Astonishing images have been released by a number of high-profile artists in light of the recent bombing attacks in Brussels, Belgium.
Within hours, a number of sensitive and supportive visuals have gone viral. Among them, the infamous Belgian bronze statue, named the ‘Manneken Pis‘ has been illustrated as an icon of compassion and a rejection of terrorism.
Let’s take a quick look at three artists whose cartoons have gone viral following the Brussels attack, and explore how they have used their skills in the past to present ideas through illustration.
1. Hervé Baudry:
A Paris resident, Hervé’s latest cartoon featuring the ‘Manneken Pis’ crying on his Twitter page encapsulates how the people of Brussels and the wider world are feeling following the deaths of 34 people the latest Belgian terrorist attack.
Other works by the artist have regularly featured political satire. Individuals such as presidential candidate Donald Trump have even been featured.
You can take a look at more of his work on Facebook here.
Jean Plantureux, otherwise known as ‘Plantu’ is arguably one of the most creative and influential French cartoonists of his time. Regularly featuring on the front page of the widely recognised French newspaper ‘Le Monde’, he uses his pens and pencils to shock his audience with emotive images.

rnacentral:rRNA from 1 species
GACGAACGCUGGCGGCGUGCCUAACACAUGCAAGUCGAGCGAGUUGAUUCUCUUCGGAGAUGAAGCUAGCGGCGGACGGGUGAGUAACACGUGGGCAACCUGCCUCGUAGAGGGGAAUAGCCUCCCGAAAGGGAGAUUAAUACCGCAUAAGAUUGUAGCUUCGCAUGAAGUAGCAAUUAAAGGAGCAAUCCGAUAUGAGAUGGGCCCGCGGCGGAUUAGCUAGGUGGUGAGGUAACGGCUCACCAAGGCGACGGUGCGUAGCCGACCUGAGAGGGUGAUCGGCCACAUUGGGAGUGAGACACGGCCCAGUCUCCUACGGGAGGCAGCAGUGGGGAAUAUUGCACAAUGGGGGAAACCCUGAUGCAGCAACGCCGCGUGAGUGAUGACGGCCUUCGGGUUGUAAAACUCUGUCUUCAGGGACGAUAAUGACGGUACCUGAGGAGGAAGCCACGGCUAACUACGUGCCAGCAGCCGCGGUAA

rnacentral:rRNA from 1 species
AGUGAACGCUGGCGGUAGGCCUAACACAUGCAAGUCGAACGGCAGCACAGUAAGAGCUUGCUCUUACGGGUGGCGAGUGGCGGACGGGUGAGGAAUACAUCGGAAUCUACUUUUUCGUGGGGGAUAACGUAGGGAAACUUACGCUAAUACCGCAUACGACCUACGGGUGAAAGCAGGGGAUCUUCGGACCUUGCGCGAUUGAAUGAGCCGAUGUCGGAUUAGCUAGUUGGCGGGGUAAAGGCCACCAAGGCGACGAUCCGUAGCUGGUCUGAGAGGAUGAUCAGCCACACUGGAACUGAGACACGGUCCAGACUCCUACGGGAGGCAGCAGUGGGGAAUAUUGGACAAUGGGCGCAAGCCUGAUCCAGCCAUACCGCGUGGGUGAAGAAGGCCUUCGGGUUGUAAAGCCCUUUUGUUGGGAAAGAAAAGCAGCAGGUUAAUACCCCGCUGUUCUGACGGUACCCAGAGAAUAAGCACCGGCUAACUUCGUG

His recent illustration has not only captivated French readers, but has become a viral image of discussion in regard to the shared pain that France and Belgium share.
Plantu has previously released cartoons promoting peace. For example, one of the cartoonists most recent illustrations reminds us of the consequences of nuclear energy.
You can follow Plantu on Facebook here.
3. Georges Prosper Remi (Hergé)
Recently, images of the beloved childhood character Tintin were spread on social media after emotions were struck when an illustration of the character crying at the news of the latest terror attack was released.
In the past, ‘The Adventures of Tintin’ has provided an exciting medium for its readers whilst dealing with world issues. Many of the cartoons were written during historical times and include events such as war, invasion and political ideals. In this instance, the illustrator deals with the race towards space exploration.